Kronic and other named synthetic drugs that induce effects similar to cannabis will be banned in NSW from July 1. NSW Mental Health Minister Kevin Humphries announced this saying use of the products sold online and at retail outlets have led to warnings from doctors. He added that the state government will ban the products under existing legislation.
Synthetic cannabis has been sold under the brand names Kronic, Spice, Kaos, Voodoo, Mango and Northern Lights and have a cannabis-like effect when smoked. It is known that they can impair a person's judgment, creating hazards when an affected person operates machinery or drives a vehicle. But more worryingly they say the products can be 10 times stronger than conventional marijuana and therefore carry an even higher risk of inducing paranoia and anxiety. While there is no reliable research into Kronic, experts have said it was known to contain high-potency cannabinoids, which can lead to schizophrenia.
Mr. Humphries said in his statement, “It is important to understand that these are not soft or recreational herbal products, they represent a real danger to an affected person's safety and wellbeing.” He added that he has discussed the matter with the state Attorney-General Greg Smith SC, who advised that the products could be banned under the NSW Drug Misuse and Trafficking Act. Therefore, they would be prohibited under the same category as cannabis, heroin and cocaine.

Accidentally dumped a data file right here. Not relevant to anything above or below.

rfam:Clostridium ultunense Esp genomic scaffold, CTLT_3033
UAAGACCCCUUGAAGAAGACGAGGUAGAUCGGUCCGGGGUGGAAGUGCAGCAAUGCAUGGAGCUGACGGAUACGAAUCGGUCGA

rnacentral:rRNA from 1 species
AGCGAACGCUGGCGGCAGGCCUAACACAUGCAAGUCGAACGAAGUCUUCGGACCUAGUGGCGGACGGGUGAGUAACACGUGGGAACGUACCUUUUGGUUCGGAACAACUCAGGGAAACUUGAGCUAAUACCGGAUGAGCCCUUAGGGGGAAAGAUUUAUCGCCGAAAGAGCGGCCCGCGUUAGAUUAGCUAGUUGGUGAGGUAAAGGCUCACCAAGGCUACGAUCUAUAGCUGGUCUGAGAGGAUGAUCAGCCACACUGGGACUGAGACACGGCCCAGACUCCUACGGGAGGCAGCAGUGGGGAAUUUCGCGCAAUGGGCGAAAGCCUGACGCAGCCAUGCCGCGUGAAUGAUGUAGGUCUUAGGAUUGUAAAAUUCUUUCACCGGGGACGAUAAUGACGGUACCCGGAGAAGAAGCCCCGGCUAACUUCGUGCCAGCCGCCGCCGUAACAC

Sale of the products will be banned from July 1, with retailers required to arrange for destruction of any unsold quantities after that date. A ban on the use of synthetic cannabis will come into effect seven days later. Penalties for supplying the drug are expected to match those for cannabis.
Western Australia has recently banned the products with other states and territories announcing that they too are considering outlawing synthetic cannabis. South Australia followed suit soon afterwards, but gave no notice of its intentions because of concerns people would stockpile the drugs. Other states, including Queensland and Tasmania, have also indicated they intend to act soon to ban the products.